Like any national treasure, where to find the best barbecue generates debate and rivalry, as regional and culinary variations compete for dominance. In D.C., however, Rocklands reigns supreme.
Tucked into a one-story space on busy Wisconsin Avenue, Rocklands incorporates as much of the feel of an old-school Southern barbecue as possible. But, your folksy Midwestern heart will feel right at home, too. Bowls of shelled peanuts line long communal tables in the center of the restaurant, and there are paper towel rolls close at hand for sauce-covered fingers and faces. It’s a warm and inviting space, with large windows and skylights overhead.
John Snedden, the founder of the restaurant – which also has locations in Alexandria, Va., Arlington, Va. and Rockville, Md. – has been cooking out for most of his life, and has tried to maintain time-honored practices wherever possible.
“Using traditional methods typically puts out a better product, and when it’s on, it’s just really hard to beat,” Snedden said.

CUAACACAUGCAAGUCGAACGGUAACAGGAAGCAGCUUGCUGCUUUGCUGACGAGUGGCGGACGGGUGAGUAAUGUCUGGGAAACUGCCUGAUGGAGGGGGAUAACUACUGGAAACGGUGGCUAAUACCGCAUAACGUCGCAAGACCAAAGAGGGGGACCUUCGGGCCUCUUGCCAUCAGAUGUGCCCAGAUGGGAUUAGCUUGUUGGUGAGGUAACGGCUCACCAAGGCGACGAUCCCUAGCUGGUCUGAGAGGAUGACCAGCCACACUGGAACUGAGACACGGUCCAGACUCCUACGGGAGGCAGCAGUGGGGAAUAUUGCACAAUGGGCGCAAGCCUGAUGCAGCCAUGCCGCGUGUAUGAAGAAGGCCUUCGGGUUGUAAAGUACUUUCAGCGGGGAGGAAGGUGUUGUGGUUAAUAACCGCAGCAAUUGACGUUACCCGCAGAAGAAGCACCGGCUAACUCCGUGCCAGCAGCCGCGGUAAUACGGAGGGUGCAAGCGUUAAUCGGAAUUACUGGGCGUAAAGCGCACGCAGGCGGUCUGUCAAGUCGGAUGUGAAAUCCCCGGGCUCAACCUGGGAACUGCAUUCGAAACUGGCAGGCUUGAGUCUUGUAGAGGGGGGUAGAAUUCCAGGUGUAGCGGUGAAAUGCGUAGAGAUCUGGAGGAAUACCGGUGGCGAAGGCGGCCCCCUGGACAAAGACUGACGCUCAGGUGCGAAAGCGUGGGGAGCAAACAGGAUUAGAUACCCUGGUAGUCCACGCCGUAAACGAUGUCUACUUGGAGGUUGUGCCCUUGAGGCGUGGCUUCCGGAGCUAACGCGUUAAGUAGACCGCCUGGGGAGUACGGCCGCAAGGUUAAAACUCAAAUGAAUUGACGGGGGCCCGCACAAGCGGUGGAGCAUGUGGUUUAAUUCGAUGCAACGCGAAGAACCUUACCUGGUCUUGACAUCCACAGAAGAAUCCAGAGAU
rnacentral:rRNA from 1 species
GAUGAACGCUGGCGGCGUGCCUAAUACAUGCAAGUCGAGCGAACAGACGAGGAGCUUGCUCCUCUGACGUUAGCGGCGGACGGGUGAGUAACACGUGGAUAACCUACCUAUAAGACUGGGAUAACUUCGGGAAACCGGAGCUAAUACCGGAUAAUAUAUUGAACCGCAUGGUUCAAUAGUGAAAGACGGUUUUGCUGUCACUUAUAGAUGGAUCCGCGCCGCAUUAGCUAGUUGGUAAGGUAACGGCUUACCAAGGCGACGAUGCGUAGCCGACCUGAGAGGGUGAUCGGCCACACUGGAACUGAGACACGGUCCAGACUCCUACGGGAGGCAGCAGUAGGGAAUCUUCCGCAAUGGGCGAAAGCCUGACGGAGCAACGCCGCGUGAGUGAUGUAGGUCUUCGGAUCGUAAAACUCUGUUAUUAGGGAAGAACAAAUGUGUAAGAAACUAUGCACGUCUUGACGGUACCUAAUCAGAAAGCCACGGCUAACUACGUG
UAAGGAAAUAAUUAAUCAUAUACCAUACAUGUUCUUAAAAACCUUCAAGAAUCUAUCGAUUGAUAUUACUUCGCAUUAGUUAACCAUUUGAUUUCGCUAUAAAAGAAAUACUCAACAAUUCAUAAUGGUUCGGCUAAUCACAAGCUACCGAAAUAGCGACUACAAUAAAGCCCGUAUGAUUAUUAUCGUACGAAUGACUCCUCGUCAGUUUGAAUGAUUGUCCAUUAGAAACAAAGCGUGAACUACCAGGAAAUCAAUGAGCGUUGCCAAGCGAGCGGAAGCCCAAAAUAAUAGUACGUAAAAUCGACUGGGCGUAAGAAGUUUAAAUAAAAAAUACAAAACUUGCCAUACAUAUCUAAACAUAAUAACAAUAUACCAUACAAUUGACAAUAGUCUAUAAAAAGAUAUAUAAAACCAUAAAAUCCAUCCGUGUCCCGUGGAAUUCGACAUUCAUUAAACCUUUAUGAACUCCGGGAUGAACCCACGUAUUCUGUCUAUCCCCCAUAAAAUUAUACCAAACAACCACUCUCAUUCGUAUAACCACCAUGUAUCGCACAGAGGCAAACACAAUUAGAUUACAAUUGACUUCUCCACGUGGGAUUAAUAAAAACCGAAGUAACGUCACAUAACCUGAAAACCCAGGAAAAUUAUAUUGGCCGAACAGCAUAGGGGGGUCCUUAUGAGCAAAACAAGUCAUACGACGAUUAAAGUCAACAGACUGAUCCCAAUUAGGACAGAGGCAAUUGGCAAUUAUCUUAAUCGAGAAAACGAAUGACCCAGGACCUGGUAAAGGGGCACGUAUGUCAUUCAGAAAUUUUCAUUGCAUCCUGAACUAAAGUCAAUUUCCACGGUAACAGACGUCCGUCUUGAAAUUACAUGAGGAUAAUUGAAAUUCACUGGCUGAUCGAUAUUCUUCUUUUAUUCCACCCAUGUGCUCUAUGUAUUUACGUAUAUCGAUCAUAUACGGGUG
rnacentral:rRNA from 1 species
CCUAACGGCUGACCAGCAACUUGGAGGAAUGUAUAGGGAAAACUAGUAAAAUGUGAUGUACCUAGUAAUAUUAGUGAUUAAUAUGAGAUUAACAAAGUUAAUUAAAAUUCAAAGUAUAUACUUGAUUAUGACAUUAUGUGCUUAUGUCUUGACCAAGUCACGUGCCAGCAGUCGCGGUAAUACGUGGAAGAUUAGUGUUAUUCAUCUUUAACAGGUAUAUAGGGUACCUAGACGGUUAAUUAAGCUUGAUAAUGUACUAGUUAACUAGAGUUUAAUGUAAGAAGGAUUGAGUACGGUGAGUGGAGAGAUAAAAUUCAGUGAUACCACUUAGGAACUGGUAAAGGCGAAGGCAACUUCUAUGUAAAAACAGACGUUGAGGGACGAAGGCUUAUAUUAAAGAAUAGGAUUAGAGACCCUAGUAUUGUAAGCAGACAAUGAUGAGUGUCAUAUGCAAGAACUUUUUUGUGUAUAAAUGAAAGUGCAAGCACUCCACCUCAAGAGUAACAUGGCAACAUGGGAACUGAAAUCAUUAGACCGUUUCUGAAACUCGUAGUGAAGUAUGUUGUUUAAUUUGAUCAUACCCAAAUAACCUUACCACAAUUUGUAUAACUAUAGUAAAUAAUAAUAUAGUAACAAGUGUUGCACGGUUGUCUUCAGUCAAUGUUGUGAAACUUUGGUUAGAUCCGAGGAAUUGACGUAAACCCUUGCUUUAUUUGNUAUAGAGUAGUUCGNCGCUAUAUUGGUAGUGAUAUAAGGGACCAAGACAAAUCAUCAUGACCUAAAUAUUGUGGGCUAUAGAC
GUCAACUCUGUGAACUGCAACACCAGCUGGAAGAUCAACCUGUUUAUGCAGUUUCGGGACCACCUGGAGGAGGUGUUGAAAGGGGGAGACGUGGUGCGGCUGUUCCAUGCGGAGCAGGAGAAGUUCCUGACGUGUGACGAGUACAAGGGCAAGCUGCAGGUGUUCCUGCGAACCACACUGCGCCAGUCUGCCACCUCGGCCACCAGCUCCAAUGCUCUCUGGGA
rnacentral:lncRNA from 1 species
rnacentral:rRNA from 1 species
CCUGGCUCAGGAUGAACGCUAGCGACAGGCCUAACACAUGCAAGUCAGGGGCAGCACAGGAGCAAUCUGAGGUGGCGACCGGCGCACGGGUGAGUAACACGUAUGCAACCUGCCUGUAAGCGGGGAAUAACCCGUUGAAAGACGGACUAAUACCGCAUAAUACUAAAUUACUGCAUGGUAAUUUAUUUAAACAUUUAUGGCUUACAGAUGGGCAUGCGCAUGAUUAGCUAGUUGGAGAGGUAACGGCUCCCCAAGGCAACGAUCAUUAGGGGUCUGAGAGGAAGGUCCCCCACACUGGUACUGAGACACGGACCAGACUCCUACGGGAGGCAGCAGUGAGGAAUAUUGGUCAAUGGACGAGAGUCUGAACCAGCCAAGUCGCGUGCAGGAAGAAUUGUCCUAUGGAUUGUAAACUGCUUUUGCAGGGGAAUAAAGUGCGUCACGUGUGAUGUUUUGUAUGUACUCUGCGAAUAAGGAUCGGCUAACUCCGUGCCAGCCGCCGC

The Three Meats Platter, economically priced with two sides at about $12, offers a nice sampler of some of the restaurant’s meat offerings. The pulled chicken and chopped pork are alluringly smoky, though a little dry, but come alive with some of Snedden’s famous made-in-house barbecue sauce. The real standout is the beef brisket. It’s perfectly tender, and it walks the fine line between fat and lean, making it the best of both worlds.
The sandwiches, which range from about $6 to $9, are also worth trying. They’re unadorned, with your choice of meat piled onto a soft potato bun: pulled pork, brisket or ribs.
The sides offered are about what you would expect – but more delicious. The coleslaw is tangy and oily, rather than milky, and the macaroni and cheese is richly cheesy. The sweet baked beans are superb, too, served in a thick sauce that isn’t soupy.
If your family is from anywhere that cherishes its barbecue, this is your destination for D.C.’s take on the nation’s favorite.